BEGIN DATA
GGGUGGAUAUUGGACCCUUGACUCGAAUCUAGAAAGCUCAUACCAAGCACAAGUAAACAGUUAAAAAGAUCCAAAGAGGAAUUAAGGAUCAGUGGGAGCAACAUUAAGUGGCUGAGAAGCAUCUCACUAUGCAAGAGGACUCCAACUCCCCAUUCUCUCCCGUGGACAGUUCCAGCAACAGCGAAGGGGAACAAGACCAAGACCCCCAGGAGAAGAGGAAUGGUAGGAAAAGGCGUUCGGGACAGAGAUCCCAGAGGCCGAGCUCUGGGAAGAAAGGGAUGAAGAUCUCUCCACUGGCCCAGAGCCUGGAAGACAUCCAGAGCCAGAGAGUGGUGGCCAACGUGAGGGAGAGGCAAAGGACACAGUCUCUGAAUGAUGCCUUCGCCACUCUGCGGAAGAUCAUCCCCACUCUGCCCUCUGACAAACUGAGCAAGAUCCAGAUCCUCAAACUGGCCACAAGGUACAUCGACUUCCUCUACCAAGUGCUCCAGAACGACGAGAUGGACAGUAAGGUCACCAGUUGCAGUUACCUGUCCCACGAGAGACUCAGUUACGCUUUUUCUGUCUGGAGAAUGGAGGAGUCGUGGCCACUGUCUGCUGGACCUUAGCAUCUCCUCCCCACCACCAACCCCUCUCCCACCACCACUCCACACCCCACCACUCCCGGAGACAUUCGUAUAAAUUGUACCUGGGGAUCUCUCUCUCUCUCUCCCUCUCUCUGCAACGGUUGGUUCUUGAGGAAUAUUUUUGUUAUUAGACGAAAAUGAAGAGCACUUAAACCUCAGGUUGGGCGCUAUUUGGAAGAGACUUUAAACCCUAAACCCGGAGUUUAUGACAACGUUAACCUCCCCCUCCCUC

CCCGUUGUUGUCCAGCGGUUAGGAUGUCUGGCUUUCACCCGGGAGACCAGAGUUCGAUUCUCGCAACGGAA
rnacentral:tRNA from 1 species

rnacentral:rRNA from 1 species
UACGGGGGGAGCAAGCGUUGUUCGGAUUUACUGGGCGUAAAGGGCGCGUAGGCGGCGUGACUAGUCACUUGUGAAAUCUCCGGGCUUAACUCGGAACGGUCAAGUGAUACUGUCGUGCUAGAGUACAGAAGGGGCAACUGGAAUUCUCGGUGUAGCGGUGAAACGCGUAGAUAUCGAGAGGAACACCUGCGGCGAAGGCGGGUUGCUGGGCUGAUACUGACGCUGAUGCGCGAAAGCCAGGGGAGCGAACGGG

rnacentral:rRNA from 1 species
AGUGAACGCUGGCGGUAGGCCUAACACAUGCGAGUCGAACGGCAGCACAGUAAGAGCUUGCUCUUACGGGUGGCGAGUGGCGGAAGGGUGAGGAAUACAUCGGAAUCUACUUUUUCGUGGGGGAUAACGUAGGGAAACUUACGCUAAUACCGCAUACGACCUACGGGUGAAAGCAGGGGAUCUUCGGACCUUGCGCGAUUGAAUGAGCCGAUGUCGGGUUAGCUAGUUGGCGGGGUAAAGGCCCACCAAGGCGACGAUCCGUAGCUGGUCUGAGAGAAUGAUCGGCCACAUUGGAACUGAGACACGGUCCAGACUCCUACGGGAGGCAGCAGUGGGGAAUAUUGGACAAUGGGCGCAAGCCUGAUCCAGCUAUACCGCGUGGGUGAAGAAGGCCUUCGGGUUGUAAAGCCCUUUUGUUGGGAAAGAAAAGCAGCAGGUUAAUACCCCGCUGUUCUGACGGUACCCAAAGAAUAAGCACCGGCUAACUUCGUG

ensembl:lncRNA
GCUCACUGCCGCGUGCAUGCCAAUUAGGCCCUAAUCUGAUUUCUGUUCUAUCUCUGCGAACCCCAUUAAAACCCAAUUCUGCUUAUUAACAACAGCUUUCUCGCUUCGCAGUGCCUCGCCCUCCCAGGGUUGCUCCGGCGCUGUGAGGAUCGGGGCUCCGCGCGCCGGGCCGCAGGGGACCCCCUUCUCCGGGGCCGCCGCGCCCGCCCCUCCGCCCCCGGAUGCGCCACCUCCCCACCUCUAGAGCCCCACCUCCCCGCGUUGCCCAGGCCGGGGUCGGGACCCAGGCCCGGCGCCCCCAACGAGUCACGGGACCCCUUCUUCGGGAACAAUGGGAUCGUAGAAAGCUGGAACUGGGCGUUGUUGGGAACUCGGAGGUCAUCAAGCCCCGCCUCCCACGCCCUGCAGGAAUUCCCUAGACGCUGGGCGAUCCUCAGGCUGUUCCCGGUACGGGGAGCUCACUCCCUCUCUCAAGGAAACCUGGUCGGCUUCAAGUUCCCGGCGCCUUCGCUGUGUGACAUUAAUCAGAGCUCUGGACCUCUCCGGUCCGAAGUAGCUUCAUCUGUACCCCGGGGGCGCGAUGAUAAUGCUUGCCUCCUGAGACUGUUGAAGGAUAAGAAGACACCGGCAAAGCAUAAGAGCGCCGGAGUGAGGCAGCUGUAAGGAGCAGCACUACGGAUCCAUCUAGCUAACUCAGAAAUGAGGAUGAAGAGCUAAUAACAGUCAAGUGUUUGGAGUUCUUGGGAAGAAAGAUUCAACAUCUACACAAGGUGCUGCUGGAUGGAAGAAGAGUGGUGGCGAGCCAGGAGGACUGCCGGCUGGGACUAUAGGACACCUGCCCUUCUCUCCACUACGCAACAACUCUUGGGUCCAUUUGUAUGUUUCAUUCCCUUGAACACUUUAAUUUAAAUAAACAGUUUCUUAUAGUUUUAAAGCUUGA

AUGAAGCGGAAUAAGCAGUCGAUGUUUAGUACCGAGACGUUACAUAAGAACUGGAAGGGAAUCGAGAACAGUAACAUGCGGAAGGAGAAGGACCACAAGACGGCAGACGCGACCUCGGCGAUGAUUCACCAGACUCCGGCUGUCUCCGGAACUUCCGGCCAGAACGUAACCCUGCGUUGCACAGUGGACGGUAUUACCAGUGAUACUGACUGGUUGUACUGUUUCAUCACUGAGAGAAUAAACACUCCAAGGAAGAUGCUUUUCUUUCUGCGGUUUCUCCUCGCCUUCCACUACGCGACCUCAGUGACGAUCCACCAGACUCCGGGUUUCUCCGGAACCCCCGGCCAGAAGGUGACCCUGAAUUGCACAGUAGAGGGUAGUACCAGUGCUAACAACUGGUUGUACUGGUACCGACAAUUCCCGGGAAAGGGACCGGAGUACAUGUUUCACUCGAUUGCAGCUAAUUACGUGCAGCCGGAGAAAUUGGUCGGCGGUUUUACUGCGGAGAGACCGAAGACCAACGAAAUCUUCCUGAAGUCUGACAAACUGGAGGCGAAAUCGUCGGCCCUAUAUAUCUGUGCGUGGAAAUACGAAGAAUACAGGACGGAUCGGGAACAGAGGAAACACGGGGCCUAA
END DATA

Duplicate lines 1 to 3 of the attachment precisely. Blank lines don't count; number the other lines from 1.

GGGUGGAUAUUGGACCCUUGACUCGAAUCUAGAAAGCUCAUACCAAGCACAAGUAAACAGUUAAAAAGAUCCAAAGAGGAAUUAAGGAUCAGUGGGAGCAACAUUAAGUGGCUGAGAAGCAUCUCACUAUGCAAGAGGACUCCAACUCCCCAUUCUCUCCCGUGGACAGUUCCAGCAACAGCGAAGGGGAACAAGACCAAGACCCCCAGGAGAAGAGGAAUGGUAGGAAAAGGCGUUCGGGACAGAGAUCCCAGAGGCCGAGCUCUGGGAAGAAAGGGAUGAAGAUCUCUCCACUGGCCCAGAGCCUGGAAGACAUCCAGAGCCAGAGAGUGGUGGCCAACGUGAGGGAGAGGCAAAGGACACAGUCUCUGAAUGAUGCCUUCGCCACUCUGCGGAAGAUCAUCCCCACUCUGCCCUCUGACAAACUGAGCAAGAUCCAGAUCCUCAAACUGGCCACAAGGUACAUCGACUUCCUCUACCAAGUGCUCCAGAACGACGAGAUGGACAGUAAGGUCACCAGUUGCAGUUACCUGUCCCACGAGAGACUCAGUUACGCUUUUUCUGUCUGGAGAAUGGAGGAGUCGUGGCCACUGUCUGCUGGACCUUAGCAUCUCCUCCCCACCACCAACCCCUCUCCCACCACCACUCCACACCCCACCACUCCCGGAGACAUUCGUAUAAAUUGUACCUGGGGAUCUCUCUCUCUCUCUCCCUCUCUCUGCAACGGUUGGUUCUUGAGGAAUAUUUUUGUUAUUAGACGAAAAUGAAGAGCACUUAAACCUCAGGUUGGGCGCUAUUUGGAAGAGACUUUAAACCCUAAACCCGGAGUUUAUGACAACGUUAACCUCCCCCUCCCUC

CCCGUUGUUGUCCAGCGGUUAGGAUGUCUGGCUUUCACCCGGGAGACCAGAGUUCGAUUCUCGCAACGGAA
rnacentral:tRNA from 1 species